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Thursday, May 20, 2010

Shariah and Our Welfare

Shariah and our Welfare

Since the introduction of shariah, we have written a number of articles in this column regarding a number of issues as they arise. Generally, the articles were hailed whenever they appear to be in defence of a practice under shariah. However, whenever they appeared critical, they were avoided, disregarded and at times dismissed as mere journalistic comments that weigh only as much as any other article in a newspaper. It is sad to mention that this is not only the attitude of government officials but also that of the commoners whose rights we are attempting to protect by making such criticisms publicly.
More saddening is the fact that even scholars are not exempted. Though no one to date could find fault in our claims on issues regarding shariah, most of them were against airing such critical views publicly. They would prefer that they be given as an advice to the governments concerned quietly and privately. I often remain silent when such issues are raised in conferences or meetings, knowing well that time will vindicate me.
And time has met my expectation. I was not therefore surprised when, while browsing the Internet recently, I came across an article written by one of such brothers who were critical of my public exposition of matters regarding shariah. He criticised the actions of Zamfara State government regarding rulings given in cases that he saw had to do with gender and class. A week later, I saw the same article published as a lead comment on this magazine. He condemned the caning of a single teenage mother and the amputation of Jangebe’s hand, supporting, as expected, his arguments with views of other Islamic scholars. I wonder why he did not send it privately as an advice to the Zamfara State government. After reading the article, I could not help saying, “You are welcome.” He was fuming over what I precisely said one and a half years ago and on which he preferred should have been an advice given privately and quietly.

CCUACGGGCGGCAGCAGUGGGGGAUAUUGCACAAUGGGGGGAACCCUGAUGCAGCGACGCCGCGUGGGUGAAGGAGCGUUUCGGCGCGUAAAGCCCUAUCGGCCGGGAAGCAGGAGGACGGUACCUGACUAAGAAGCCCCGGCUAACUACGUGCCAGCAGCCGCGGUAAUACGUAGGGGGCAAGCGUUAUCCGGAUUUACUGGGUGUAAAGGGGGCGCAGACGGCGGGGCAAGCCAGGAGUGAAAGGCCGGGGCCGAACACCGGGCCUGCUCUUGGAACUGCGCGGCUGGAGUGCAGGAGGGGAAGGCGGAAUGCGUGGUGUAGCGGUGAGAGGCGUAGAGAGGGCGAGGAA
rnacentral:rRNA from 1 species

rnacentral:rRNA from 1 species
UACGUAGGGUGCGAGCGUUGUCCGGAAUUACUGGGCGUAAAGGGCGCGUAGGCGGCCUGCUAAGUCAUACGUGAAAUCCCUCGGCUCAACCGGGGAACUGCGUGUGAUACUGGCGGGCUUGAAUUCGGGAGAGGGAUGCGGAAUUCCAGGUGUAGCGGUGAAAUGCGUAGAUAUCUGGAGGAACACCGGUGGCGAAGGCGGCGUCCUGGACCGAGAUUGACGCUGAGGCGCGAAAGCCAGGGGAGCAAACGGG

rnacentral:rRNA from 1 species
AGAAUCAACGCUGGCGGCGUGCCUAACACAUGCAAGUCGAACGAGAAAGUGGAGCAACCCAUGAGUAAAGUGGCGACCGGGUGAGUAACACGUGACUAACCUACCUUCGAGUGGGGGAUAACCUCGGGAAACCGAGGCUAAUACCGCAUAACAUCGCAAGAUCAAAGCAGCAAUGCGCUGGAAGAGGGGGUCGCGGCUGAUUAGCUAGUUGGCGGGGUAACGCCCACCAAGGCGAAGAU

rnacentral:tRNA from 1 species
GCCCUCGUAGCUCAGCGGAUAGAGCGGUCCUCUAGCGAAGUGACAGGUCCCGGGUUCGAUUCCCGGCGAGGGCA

A week later or so, a conference was held in London on shariah implementation in Nigeria. I did not attend it, but I have learnt about some of its deliberations, courtesy of BBC Hausa Service. In the conference, an issue came up, I think from the presentation of our learned brother, teacher and guide, Mal. Ibrahim Suleiman. It had to do with the issue of shariah and quality of governance. The point he made was that shariah is supposed to improve the quality of governance. This is an indisputable fact.
However, the fact was disputed. In an answer to the question by a reporter of the BBC Hausa Service, asking why there is so far no signs of tangible improvement on the quality of life of people in states that have proclaimed shariah, another learned brother came to the defence of the governors, arguing that it is not proper for people to set utilitarian goals for shariah, for the simple reason that it is God that determines the condition of living of people. This fatwa is dangerous. I was glad that objections were raised on how such governments failed to show any departure from the past practice of waste. Another learned brother gave an example citing how they sponsored people for pilgrimage. In his response to the charge, the Zamfara State Governor, while conceding the authenticity of the charge, blamed the people who approach government seeking such favours.